At this level, they will be in difficulty.  The chart shows the relative distribution of borrowing households, by number. So, around 20% would have difficulty with even a rise of less than 0.5%, whilst an additional 4% would be troubled by a rise between 0.5% and 1%, and so on. Around 35% could cope with even a full 7% rise.

If we overlay our household segments, we find that young growing families and young affluent households are most exposed to a small rate rise. However, some in other segments are also at risk.

State analysis highlights that households in NSW are most sensitive, a combination of larger volumes of loans as well a larger loans, relative to incomes resulting is less headroom.

Younger households are relatively more exposed, because their incomes tend to be more limited and are not growing in real terms relative to mortgage repayments.

Analysis by DFA property segment shows that whilst some first time buyers are exposed at low rate movements, those holding a mortgage with no plans to change their properties (holders) are also exposed. In addition, some seeking to refinance are doing so in the hope of reducing payments, because they have limited headroom.

Finally we turn to other insights from our data. First, those households who sourced their mortgage via a mortgage broker are more likely to be in difficulty with a small rate rise, compared with those who went direct to a bank. This, once again, shows third party loans are more risky. This perhaps is connected to the types of people using brokers, as well as the broker’s ability to suggest lenders with more generous underwriting standards and coaching on how to apply successfully.

We also see that rate seekers (we call these soloists) who are driven primarily by best rates, are more sensitive to small rate rises, compared with those who are more inclined to seek advice, and appreciate service more than price (we call these delegators).

Soloists who went via a broker are the most exposed should rates rise even a little, whereas delegators going to a bank, are more able to handle future rises.

Segmentation, effectively applied can results in quite different portfolio outcomes!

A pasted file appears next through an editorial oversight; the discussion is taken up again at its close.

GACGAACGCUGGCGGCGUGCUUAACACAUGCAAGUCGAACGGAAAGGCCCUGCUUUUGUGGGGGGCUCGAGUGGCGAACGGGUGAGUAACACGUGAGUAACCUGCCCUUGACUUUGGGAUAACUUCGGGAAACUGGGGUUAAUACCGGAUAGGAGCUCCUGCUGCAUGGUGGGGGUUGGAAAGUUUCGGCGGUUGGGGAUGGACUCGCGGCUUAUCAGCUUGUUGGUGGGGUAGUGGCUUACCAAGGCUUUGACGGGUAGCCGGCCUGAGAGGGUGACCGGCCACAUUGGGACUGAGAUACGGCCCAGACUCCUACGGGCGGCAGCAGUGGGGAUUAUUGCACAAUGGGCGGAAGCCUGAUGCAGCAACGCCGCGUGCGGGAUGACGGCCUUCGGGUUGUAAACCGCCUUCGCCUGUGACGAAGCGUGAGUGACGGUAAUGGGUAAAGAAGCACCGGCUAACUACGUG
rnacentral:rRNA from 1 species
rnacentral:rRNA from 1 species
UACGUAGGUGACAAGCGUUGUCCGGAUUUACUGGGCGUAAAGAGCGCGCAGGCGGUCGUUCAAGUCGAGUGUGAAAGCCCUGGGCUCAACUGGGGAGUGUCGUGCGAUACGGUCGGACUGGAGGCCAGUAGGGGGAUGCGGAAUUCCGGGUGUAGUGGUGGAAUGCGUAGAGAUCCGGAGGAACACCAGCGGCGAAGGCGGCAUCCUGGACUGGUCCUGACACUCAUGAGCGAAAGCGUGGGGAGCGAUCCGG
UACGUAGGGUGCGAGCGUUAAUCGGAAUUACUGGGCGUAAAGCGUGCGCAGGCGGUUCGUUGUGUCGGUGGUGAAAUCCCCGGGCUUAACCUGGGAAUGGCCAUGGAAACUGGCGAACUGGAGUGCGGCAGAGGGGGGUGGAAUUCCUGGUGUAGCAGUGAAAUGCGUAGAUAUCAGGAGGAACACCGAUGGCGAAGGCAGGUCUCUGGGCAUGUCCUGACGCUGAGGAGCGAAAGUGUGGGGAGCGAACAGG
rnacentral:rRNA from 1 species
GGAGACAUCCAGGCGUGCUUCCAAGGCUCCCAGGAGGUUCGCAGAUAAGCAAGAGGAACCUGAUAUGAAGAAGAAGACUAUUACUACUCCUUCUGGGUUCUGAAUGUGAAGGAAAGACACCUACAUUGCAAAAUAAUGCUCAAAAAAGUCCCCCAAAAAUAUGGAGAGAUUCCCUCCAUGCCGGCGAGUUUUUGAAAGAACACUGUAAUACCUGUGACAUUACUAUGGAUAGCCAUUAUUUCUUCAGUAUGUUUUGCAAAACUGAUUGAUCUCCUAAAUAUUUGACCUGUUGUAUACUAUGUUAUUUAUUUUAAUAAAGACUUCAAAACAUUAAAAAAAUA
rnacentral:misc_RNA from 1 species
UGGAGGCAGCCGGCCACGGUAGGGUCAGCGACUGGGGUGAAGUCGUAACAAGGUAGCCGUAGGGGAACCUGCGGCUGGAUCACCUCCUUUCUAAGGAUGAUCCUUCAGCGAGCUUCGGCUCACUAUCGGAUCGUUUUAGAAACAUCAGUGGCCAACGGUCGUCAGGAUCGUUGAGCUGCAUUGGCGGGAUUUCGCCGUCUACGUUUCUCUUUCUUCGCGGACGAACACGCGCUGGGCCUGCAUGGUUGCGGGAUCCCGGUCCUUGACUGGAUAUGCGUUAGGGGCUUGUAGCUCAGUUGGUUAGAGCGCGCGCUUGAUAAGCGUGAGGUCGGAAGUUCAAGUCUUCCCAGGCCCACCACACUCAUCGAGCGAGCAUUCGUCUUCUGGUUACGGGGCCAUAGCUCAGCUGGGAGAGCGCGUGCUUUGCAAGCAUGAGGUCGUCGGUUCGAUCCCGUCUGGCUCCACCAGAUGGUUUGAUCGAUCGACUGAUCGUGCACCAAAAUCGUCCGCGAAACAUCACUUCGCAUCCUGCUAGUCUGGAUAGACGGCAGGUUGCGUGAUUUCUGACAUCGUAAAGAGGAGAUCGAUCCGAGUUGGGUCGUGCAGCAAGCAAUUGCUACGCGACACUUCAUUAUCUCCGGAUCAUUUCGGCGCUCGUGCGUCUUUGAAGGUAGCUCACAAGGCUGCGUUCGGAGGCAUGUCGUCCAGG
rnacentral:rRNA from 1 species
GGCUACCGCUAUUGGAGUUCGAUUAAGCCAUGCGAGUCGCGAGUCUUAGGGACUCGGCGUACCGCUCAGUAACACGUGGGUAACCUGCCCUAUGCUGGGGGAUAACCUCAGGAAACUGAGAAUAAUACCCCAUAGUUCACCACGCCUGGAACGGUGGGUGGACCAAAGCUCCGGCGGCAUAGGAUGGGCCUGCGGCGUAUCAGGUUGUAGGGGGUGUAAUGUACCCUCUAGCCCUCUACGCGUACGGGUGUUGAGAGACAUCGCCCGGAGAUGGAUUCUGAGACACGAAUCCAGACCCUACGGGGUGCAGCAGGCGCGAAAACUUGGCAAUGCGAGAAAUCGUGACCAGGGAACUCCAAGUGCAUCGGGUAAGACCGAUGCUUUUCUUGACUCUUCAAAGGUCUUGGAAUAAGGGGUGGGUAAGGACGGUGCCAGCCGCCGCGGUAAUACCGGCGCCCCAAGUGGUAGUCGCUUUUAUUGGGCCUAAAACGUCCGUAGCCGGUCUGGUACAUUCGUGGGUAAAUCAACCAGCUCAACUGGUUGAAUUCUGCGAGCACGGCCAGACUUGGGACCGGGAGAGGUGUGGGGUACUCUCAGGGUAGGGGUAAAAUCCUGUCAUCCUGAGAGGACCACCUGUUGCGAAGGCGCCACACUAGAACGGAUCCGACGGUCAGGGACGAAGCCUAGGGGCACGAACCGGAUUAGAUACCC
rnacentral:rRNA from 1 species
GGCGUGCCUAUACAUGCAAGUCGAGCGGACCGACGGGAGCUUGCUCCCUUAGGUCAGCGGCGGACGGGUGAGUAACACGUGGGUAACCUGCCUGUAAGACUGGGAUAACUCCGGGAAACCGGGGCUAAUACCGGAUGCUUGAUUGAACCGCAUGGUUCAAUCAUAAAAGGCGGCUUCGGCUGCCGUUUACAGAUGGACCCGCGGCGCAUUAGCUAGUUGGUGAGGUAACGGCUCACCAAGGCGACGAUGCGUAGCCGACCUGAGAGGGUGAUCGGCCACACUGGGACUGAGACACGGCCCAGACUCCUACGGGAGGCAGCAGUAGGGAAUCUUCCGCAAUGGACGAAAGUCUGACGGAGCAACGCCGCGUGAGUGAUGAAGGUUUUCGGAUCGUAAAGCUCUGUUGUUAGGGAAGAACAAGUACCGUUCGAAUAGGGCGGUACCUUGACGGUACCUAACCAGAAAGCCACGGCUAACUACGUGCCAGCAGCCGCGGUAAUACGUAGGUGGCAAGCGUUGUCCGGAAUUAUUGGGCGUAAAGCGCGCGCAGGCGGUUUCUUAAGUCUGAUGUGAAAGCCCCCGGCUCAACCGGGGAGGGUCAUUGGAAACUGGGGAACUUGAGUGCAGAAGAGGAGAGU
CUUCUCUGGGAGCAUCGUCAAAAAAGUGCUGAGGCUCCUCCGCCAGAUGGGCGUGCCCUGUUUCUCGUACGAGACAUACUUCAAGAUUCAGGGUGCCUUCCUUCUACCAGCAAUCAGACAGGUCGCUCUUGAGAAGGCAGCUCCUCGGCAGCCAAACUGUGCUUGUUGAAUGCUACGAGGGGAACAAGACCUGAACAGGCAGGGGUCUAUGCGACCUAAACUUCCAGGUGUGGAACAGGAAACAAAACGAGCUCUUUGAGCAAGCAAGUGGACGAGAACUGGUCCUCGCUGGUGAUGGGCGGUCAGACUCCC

Aussies feel pressure on household budget

From AAP. Only one-fifth of Australians think the national economy is in good shape, a new survey has found, in a grim assessment of consumer cheer heading into Christmas.

A quarterly survey by consumer advocacy firm CHOICE has found only about one in five people believe the Australian economy is in good shape – the lowest positive rating since its Consumer Pulse survey began in 2014.

The December results show that consumers are under increasing financial pressure and feel less positive about their household budget and the economy.

“Many Australians start to feel sharper financial pressures leading into the holiday period, as gifts and parties eat into our savings or credit balance,” acting CHOICE chief executive Matt Levey said.

Australians are also reporting a drop in spending on non-essentials, with more than half of respondents tightening the belt and putting off purchase of big ticket items.

CHOICE’s Consumer Pulse report found fears over the economy are the worst they have been since the survey began two years ago, with just one in four households saying they’re living comfortably.

“In particular, our survey shows that Australians between 30 and 49 are more likely to live off credit cards if they run out of money before pay day,” Mr Levey said.

A third of people under 30 said they dipped into their savings in the last year to make it to pay day, while a quarter had borrowed money from family or friends. About 20 per cent of people aged 30 to 49 reported they deliberately missed the due date on a bill.

CHOICE’s report follows the release this week of the federal government’s mid-year budget review, which forecast that despite lower savings, consumers will likely boost spending on the back of low interest rates and employment growth.

However, the Consumer Pulse figures show that consumers are not necessarily feeling confident enough about their financial future to take on more debt or spending.

“MYEFO’s predictions about household savings match what Australians have told our survey,” Mr Levey said.

“But this won’t necessarily translate into higher consumer spending. In the next 12 months, a majority of people say they are planning to cut back on discretionary and non-essential purchases.”

CHOICE’s Consumer Pulse report, which tracks Australians’ views about the economy and household spending, was based on online responses from 1025 people aged between 18 to 75 years.